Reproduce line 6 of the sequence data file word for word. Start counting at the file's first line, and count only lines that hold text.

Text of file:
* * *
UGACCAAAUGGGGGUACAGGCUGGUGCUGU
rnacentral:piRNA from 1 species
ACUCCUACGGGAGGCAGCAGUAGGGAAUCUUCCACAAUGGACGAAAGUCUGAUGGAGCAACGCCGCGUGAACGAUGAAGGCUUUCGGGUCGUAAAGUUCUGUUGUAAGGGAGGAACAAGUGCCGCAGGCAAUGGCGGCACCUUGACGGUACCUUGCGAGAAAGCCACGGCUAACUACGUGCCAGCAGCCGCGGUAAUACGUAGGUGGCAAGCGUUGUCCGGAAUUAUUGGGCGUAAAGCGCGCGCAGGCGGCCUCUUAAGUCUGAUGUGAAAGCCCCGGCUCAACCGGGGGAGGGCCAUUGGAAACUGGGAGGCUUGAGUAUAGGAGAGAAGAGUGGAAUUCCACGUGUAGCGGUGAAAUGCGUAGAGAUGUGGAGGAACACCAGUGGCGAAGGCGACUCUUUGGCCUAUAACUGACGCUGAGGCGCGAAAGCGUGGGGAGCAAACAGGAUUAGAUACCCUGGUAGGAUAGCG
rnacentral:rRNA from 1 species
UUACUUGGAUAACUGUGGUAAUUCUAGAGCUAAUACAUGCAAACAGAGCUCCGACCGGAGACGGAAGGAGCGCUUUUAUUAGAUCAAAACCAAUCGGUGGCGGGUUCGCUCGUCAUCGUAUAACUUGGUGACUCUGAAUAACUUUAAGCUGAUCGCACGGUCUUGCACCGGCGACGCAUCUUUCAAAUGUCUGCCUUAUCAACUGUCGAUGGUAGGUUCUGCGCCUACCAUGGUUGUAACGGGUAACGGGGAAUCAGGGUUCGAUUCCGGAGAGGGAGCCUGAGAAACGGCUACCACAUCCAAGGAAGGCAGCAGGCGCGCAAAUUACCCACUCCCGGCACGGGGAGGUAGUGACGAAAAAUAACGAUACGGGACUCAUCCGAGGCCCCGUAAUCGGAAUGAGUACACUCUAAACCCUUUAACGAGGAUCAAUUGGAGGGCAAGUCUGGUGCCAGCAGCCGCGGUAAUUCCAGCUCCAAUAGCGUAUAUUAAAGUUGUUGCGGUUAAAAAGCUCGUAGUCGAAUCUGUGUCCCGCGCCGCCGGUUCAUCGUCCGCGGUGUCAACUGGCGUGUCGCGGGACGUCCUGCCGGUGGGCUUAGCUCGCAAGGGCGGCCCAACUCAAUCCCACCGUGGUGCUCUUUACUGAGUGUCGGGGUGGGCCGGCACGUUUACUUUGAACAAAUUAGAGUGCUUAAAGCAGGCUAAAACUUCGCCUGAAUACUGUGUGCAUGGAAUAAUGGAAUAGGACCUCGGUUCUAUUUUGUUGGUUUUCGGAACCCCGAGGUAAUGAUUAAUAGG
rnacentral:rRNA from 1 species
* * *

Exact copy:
rnacentral:rRNA from 1 species